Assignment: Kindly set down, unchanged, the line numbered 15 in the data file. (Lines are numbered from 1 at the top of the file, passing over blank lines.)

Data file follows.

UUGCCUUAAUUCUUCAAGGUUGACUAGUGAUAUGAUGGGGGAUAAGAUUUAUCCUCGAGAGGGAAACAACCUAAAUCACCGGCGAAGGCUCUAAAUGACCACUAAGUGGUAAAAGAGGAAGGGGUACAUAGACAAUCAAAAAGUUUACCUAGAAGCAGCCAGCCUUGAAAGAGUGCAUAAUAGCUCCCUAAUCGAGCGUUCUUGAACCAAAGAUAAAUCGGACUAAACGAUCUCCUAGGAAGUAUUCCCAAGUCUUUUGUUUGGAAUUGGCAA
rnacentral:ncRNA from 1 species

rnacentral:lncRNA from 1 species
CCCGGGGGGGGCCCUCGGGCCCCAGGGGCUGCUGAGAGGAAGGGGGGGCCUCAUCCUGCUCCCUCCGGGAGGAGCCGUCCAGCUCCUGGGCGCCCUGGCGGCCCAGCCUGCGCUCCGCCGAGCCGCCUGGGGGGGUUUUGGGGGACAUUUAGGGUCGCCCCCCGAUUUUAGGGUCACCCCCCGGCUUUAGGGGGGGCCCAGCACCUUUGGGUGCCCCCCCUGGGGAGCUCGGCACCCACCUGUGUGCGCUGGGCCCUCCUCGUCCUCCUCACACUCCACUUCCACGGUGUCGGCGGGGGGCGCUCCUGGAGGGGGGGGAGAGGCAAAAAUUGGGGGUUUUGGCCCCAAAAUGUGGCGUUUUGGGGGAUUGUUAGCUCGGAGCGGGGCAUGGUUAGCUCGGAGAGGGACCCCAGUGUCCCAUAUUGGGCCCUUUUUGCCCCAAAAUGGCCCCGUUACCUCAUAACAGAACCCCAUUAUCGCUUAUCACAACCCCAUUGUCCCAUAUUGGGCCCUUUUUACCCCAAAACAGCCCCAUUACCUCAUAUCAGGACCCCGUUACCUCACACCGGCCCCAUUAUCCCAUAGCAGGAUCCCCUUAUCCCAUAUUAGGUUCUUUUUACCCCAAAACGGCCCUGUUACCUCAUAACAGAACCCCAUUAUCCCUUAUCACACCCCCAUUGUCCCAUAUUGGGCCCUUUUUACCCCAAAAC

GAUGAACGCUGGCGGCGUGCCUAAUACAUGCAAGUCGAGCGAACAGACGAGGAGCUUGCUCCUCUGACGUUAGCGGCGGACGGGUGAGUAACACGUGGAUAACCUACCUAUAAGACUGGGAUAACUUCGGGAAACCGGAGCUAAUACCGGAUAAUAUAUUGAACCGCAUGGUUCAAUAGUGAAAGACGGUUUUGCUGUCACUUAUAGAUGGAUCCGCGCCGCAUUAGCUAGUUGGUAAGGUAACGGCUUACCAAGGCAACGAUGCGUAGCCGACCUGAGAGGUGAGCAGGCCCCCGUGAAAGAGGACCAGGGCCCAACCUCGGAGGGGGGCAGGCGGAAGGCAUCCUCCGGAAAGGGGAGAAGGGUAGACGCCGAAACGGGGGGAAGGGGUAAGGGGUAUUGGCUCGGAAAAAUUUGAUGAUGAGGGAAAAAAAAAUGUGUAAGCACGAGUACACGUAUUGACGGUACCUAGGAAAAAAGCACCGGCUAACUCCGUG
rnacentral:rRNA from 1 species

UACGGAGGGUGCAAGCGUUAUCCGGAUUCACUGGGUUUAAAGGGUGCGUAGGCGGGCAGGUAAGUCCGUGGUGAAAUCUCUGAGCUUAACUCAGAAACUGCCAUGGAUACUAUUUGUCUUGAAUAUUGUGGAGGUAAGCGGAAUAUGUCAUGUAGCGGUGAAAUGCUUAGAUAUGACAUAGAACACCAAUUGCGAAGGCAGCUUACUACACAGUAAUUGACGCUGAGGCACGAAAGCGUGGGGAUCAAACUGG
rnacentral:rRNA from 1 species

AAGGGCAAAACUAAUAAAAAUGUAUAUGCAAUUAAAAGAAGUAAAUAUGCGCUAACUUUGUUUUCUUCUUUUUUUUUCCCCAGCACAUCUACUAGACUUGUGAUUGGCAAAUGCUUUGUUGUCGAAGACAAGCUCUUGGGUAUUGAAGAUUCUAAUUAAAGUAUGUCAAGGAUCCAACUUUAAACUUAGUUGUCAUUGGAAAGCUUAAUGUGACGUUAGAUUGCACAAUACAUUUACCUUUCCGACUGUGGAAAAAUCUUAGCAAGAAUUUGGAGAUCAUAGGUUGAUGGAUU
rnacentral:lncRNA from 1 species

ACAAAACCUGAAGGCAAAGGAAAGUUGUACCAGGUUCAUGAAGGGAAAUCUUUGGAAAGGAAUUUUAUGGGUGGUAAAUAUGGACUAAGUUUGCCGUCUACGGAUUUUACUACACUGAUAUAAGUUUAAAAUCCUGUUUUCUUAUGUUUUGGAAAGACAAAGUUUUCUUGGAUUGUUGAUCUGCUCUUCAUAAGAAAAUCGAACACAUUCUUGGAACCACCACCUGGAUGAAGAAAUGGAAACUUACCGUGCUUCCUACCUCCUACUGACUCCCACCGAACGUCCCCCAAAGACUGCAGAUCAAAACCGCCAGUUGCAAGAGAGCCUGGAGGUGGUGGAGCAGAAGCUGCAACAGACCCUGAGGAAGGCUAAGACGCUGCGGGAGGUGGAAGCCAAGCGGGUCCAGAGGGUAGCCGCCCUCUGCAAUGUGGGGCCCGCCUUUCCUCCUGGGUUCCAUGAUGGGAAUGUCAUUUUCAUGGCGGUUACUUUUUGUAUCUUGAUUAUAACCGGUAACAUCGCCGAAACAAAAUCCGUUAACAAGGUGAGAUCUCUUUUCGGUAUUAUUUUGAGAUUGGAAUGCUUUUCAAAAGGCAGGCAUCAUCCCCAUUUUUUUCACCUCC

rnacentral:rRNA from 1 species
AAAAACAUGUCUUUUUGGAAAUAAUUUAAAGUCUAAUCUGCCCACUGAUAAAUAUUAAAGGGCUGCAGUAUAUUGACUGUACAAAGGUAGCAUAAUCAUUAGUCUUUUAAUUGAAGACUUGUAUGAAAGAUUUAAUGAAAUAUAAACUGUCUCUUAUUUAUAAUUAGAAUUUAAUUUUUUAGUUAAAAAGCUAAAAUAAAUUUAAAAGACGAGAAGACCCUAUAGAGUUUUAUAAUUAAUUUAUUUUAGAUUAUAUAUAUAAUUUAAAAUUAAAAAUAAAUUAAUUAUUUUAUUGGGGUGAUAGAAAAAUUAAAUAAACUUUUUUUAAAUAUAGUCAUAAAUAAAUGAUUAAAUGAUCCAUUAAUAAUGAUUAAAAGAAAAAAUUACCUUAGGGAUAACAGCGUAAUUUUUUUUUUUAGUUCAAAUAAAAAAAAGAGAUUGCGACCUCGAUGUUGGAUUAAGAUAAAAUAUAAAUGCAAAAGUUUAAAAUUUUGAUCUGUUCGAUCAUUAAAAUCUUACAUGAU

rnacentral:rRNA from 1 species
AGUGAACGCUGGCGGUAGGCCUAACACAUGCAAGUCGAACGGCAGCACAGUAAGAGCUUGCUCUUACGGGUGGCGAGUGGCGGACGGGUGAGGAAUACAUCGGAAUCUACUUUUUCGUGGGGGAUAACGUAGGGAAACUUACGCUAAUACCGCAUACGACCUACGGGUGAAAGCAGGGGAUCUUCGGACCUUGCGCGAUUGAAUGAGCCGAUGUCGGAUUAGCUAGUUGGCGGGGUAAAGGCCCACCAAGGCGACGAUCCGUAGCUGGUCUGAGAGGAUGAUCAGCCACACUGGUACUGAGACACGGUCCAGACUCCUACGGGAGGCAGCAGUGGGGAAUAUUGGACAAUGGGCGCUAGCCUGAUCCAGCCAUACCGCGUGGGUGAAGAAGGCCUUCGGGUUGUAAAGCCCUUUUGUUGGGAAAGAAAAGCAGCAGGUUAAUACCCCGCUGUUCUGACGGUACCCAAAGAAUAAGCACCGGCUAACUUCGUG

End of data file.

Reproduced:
AGUGAACGCUGGCGGUAGGCCUAACACAUGCAAGUCGAACGGCAGCACAGUAAGAGCUUGCUCUUACGGGUGGCGAGUGGCGGACGGGUGAGGAAUACAUCGGAAUCUACUUUUUCGUGGGGGAUAACGUAGGGAAACUUACGCUAAUACCGCAUACGACCUACGGGUGAAAGCAGGGGAUCUUCGGACCUUGCGCGAUUGAAUGAGCCGAUGUCGGAUUAGCUAGUUGGCGGGGUAAAGGCCCACCAAGGCGACGAUCCGUAGCUGGUCUGAGAGGAUGAUCAGCCACACUGGUACUGAGACACGGUCCAGACUCCUACGGGAGGCAGCAGUGGGGAAUAUUGGACAAUGGGCGCUAGCCUGAUCCAGCCAUACCGCGUGGGUGAAGAAGGCCUUCGGGUUGUAAAGCCCUUUUGUUGGGAAAGAAAAGCAGCAGGUUAAUACCCCGCUGUUCUGACGGUACCCAAAGAAUAAGCACCGGCUAACUUCGUG